South East Wales

Visa refusal leaves mother and toddler 4,000 miles apart

Umair and his grandmother on Skype
Image caption There are up to 15,000 British children growing up in 'Skype families'

A two-and-a-half-year-old in Newport is living 4,000 miles (6,440km) from his mother after she was refused a visa to join him in the UK.

Umair's mother, Pakistani national Riza, and his father, Newport-born Suhail, planned to live in Wales together after their marriage in 2014 but her visa application has been refused twice.

Umair has seen his mother for just six weeks since he was 10 months old.

Riza plans to make a third application.

To bring a non-European spouse into Britain you must have a minimum income of £18,600 and they must have a good knowledge of English.

Image caption Umair has seen his mother for two three-week holidays in Pakistan

The rules were introduced by the former coalition government to stop foreign spouses becoming reliant on taxpayers.

Riza's first visa was refused because she failed the English test. On the second occasion Riza passed, but her family believe the visa was refused because Suhail had changed jobs and could not prove his income.

The family say they have the resources to support Riza.

Riza and her child speak on Skype but Suhail worries Umair no longer recognises his mother.

He said: "He thinks it's just a video. She [Riza] cries then because obviously she's not seeing the baby. And the baby's not taking attention of her because he doesn't know who she is."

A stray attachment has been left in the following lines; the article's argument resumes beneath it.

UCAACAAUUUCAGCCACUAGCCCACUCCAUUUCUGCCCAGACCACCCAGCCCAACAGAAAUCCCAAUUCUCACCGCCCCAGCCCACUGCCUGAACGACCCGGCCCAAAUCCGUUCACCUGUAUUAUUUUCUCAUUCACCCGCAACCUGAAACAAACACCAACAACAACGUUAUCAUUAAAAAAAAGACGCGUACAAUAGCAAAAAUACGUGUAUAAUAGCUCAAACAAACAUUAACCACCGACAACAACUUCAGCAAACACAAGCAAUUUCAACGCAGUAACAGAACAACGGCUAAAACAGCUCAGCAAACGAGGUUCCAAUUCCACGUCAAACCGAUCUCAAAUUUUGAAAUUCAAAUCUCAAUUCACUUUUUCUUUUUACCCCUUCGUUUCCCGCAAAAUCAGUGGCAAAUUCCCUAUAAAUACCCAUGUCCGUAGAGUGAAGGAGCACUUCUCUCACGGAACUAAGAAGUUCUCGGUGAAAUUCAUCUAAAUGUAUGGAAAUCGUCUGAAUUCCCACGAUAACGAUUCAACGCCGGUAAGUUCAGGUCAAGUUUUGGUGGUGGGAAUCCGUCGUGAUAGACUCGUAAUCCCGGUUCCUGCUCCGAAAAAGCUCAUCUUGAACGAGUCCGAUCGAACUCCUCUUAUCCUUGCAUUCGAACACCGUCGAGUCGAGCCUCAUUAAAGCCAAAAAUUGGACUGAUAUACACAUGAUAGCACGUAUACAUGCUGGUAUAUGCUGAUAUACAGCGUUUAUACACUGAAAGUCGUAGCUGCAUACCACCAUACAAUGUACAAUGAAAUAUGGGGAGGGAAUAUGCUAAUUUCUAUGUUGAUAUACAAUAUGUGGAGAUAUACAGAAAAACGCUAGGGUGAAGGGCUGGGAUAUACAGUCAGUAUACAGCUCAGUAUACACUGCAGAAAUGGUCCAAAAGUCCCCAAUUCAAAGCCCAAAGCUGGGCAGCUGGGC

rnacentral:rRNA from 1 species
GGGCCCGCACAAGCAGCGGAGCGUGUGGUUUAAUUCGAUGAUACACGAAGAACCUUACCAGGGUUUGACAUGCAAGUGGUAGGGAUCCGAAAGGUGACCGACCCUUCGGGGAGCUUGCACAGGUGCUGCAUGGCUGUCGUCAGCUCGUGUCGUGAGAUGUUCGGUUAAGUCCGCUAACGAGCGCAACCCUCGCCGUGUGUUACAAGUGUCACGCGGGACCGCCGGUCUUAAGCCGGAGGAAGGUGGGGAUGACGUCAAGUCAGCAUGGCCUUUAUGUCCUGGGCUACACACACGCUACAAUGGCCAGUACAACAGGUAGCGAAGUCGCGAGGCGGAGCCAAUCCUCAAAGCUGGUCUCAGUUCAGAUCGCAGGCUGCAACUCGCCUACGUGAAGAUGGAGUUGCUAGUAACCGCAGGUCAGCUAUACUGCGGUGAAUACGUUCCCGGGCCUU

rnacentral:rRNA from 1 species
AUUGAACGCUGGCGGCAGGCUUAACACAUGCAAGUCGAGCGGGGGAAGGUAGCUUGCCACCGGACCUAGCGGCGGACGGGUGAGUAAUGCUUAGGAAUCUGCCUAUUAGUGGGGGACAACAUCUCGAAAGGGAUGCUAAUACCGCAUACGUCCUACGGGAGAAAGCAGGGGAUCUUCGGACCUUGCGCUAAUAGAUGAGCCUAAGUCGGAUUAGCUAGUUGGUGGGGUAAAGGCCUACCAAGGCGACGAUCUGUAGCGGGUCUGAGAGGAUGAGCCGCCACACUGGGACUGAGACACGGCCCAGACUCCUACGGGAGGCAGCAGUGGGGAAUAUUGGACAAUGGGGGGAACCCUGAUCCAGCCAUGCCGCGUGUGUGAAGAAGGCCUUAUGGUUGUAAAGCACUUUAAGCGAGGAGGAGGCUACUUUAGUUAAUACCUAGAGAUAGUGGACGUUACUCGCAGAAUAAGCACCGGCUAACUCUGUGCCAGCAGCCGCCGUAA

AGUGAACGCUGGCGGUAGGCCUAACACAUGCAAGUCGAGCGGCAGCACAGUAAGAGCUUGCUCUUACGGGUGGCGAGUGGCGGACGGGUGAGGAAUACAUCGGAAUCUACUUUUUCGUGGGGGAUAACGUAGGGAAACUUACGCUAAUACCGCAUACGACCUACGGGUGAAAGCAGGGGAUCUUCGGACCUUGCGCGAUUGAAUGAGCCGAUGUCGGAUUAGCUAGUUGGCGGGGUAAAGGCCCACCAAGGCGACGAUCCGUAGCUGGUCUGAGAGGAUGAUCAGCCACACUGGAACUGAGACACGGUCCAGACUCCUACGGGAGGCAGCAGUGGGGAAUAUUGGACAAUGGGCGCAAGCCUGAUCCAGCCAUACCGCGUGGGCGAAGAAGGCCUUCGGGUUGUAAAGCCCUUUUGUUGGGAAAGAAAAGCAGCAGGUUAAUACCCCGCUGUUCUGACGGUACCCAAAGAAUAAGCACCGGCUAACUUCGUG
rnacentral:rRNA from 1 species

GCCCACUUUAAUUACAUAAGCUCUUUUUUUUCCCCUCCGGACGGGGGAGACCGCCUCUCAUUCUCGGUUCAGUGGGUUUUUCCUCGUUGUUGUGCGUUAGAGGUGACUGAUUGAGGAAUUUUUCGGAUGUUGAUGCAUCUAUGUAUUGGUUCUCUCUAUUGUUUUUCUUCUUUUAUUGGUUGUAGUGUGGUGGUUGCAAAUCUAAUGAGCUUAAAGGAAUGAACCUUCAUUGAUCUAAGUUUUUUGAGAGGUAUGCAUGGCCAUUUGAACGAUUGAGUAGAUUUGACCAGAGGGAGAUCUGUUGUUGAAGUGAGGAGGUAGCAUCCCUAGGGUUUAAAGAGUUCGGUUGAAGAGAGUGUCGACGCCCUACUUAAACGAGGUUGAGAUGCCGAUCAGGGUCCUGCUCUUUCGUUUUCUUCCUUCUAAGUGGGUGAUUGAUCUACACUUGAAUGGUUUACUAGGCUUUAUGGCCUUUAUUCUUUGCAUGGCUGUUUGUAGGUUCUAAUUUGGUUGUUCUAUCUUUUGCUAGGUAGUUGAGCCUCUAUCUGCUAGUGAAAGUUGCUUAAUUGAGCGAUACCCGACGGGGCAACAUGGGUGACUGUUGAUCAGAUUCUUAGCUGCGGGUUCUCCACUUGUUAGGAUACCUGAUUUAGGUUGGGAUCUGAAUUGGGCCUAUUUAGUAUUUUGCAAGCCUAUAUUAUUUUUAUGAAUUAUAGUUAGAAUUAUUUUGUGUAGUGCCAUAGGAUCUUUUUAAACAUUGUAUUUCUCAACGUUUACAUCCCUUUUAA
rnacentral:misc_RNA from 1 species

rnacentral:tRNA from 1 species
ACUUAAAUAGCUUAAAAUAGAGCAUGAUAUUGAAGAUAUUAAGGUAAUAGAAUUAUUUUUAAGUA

While Suhail is at work his mother Irena cares for Umair.

Image caption Suhail and Riza met on a holiday in Pakistan

Irena said: "As he's growing up he's forgetting her so we have to remind him all the time on Skype or on email or WhatsApp - 'that is your mother'. He doesn't realise that at all."

The family had to mark Umair's first birthday without his mother: "I cried my eyes out. I really, really cried because she wasn't there to have a look at his first birthday," said Irena.

The family want Umair, who has the right to live in the UK, to remain in Newport because he attends an English speaking nursery and they want him to attend a local school where they think he will get a good education.

In 2015, the children's commissioner for England, Anne Longfield, said up to 15,000 British children were growing up in "Skype families" because of immigration rules that were causing children significant stress and anxiety.

Image caption Umair and his cousin playing at home

Suhail said he's determined to get his "beautiful" wife to Newport: "I didn't think it'd be this hard but it's come to a stage where you just struggle so much and there's only so much you can do.

"I keep thinking of what's happening and keep crying."

The family feature in BBC Wales documentary Strangers in a strange land.

The programme also tells the story of 25-year-old Bashar, who fled Syria three years ago.

Image caption Bashar has got a job working in a restaurant

He paid a people smuggler to take him on a boat to Italy before travelling to Calais where he boarded a ferry by clinging to the underneath of a lorry.

Once he reached the UK he faced a harrowing motorway journey under the vehicle: "The lorry was driving for 50 to 60 minutes. I was holding on with all my strength because if I let go I die."

Eventually the lorry pulled into a service station and Bashar handed himself over to the authorities and made his claim for asylum.

He was sent to Cardiff and four months later given leave to remain in the UK.

He has found work in a Middle Eastern restaurant in Cardiff.

He said: "I want to support myself. I don't want anyone to support me."

Image caption Bashar was almost killed when he was hit by a sniper’s bullet in Syria
  • Strangers in a strange land, BBC One Wales, 22:40 BST, Monday 26 June

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